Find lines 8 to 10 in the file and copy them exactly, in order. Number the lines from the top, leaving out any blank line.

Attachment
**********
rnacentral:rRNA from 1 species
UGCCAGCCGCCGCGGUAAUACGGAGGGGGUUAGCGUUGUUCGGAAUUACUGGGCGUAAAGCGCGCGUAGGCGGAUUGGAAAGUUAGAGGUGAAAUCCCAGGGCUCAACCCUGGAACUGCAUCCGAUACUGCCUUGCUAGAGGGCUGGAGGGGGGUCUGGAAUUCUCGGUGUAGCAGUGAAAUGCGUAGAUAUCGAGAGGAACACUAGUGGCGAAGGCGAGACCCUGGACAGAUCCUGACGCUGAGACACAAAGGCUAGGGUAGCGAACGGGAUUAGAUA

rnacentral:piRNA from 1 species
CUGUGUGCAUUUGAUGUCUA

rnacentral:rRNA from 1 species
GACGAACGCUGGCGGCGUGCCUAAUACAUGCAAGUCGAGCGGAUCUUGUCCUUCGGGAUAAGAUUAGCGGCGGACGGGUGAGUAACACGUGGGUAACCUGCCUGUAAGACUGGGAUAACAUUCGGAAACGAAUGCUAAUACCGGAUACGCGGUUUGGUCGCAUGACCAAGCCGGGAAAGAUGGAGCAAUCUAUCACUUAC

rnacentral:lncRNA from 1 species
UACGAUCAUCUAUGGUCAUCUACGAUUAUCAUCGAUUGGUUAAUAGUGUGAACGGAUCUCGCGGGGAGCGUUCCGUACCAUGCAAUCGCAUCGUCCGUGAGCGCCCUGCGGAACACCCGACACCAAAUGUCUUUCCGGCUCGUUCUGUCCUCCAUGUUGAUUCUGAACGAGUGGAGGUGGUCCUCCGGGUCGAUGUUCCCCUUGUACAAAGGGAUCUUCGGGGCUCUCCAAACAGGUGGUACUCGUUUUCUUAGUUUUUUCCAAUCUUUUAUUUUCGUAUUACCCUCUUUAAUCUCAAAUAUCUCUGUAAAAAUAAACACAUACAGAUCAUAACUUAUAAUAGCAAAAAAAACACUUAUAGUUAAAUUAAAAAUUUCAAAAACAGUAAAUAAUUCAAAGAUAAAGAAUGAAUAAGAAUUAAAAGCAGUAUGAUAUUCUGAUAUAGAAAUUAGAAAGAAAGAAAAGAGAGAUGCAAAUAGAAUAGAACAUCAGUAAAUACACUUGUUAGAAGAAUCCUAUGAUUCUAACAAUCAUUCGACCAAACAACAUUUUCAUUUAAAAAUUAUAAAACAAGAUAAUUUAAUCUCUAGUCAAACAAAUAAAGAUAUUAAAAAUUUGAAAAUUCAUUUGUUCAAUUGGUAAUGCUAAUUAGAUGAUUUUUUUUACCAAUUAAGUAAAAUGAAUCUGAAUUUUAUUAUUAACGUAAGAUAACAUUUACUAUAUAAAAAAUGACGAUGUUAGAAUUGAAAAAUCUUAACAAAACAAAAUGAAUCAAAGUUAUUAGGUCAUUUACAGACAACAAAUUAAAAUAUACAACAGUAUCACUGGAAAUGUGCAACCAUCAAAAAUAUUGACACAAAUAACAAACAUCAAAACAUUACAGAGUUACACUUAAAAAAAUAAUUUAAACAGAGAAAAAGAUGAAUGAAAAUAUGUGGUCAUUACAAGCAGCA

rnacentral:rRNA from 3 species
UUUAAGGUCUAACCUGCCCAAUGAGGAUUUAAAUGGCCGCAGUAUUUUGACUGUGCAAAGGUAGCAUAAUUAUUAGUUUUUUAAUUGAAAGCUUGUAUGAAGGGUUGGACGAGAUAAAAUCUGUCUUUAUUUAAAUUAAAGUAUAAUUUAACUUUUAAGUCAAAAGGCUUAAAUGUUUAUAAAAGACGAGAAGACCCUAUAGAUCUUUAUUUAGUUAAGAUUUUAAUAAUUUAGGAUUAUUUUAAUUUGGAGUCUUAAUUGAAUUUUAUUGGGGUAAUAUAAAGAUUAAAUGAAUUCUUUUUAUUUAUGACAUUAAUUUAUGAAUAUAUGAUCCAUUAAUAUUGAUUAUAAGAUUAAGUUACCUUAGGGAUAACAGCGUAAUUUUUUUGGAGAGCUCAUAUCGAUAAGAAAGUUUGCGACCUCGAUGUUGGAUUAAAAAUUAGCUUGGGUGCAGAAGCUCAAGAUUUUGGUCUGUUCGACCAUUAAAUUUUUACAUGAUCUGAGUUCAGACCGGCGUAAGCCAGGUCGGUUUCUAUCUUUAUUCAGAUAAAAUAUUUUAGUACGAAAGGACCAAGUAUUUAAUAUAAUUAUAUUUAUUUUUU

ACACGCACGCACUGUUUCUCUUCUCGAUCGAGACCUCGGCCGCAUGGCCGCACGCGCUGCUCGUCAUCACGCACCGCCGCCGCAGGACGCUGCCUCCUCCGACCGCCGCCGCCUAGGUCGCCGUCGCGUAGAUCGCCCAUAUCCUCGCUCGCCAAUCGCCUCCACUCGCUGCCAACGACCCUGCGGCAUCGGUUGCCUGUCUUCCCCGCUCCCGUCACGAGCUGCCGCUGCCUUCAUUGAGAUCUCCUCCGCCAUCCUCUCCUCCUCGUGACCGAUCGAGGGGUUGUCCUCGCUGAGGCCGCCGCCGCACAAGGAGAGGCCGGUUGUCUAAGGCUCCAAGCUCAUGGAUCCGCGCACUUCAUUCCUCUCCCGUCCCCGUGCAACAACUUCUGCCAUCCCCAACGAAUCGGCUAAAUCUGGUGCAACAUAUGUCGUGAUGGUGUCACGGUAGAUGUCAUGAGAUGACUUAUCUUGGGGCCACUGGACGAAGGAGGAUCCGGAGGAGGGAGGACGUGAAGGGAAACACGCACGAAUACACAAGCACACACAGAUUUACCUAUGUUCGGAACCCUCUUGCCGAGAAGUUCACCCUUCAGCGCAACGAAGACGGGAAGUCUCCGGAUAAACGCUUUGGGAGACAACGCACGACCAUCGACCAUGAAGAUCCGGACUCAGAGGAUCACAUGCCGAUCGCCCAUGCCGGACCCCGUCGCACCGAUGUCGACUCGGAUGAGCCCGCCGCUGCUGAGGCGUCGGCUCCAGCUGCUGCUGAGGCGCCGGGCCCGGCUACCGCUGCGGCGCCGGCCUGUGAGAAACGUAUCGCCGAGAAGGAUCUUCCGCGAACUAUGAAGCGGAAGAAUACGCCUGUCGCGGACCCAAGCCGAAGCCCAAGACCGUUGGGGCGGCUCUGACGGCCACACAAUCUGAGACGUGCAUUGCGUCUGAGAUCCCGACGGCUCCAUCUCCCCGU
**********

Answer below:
UACGAUCAUCUAUGGUCAUCUACGAUUAUCAUCGAUUGGUUAAUAGUGUGAACGGAUCUCGCGGGGAGCGUUCCGUACCAUGCAAUCGCAUCGUCCGUGAGCGCCCUGCGGAACACCCGACACCAAAUGUCUUUCCGGCUCGUUCUGUCCUCCAUGUUGAUUCUGAACGAGUGGAGGUGGUCCUCCGGGUCGAUGUUCCCCUUGUACAAAGGGAUCUUCGGGGCUCUCCAAACAGGUGGUACUCGUUUUCUUAGUUUUUUCCAAUCUUUUAUUUUCGUAUUACCCUCUUUAAUCUCAAAUAUCUCUGUAAAAAUAAACACAUACAGAUCAUAACUUAUAAUAGCAAAAAAAACACUUAUAGUUAAAUUAAAAAUUUCAAAAACAGUAAAUAAUUCAAAGAUAAAGAAUGAAUAAGAAUUAAAAGCAGUAUGAUAUUCUGAUAUAGAAAUUAGAAAGAAAGAAAAGAGAGAUGCAAAUAGAAUAGAACAUCAGUAAAUACACUUGUUAGAAGAAUCCUAUGAUUCUAACAAUCAUUCGACCAAACAACAUUUUCAUUUAAAAAUUAUAAAACAAGAUAAUUUAAUCUCUAGUCAAACAAAUAAAGAUAUUAAAAAUUUGAAAAUUCAUUUGUUCAAUUGGUAAUGCUAAUUAGAUGAUUUUUUUUACCAAUUAAGUAAAAUGAAUCUGAAUUUUAUUAUUAACGUAAGAUAACAUUUACUAUAUAAAAAAUGACGAUGUUAGAAUUGAAAAAUCUUAACAAAACAAAAUGAAUCAAAGUUAUUAGGUCAUUUACAGACAACAAAUUAAAAUAUACAACAGUAUCACUGGAAAUGUGCAACCAUCAAAAAUAUUGACACAAAUAACAAACAUCAAAACAUUACAGAGUUACACUUAAAAAAAUAAUUUAAACAGAGAAAAAGAUGAAUGAAAAUAUGUGGUCAUUACAAGCAGCA

rnacentral:rRNA from 3 species
UUUAAGGUCUAACCUGCCCAAUGAGGAUUUAAAUGGCCGCAGUAUUUUGACUGUGCAAAGGUAGCAUAAUUAUUAGUUUUUUAAUUGAAAGCUUGUAUGAAGGGUUGGACGAGAUAAAAUCUGUCUUUAUUUAAAUUAAAGUAUAAUUUAACUUUUAAGUCAAAAGGCUUAAAUGUUUAUAAAAGACGAGAAGACCCUAUAGAUCUUUAUUUAGUUAAGAUUUUAAUAAUUUAGGAUUAUUUUAAUUUGGAGUCUUAAUUGAAUUUUAUUGGGGUAAUAUAAAGAUUAAAUGAAUUCUUUUUAUUUAUGACAUUAAUUUAUGAAUAUAUGAUCCAUUAAUAUUGAUUAUAAGAUUAAGUUACCUUAGGGAUAACAGCGUAAUUUUUUUGGAGAGCUCAUAUCGAUAAGAAAGUUUGCGACCUCGAUGUUGGAUUAAAAAUUAGCUUGGGUGCAGAAGCUCAAGAUUUUGGUCUGUUCGACCAUUAAAUUUUUACAUGAUCUGAGUUCAGACCGGCGUAAGCCAGGUCGGUUUCUAUCUUUAUUCAGAUAAAAUAUUUUAGUACGAAAGGACCAAGUAUUUAAUAUAAUUAUAUUUAUUUUUU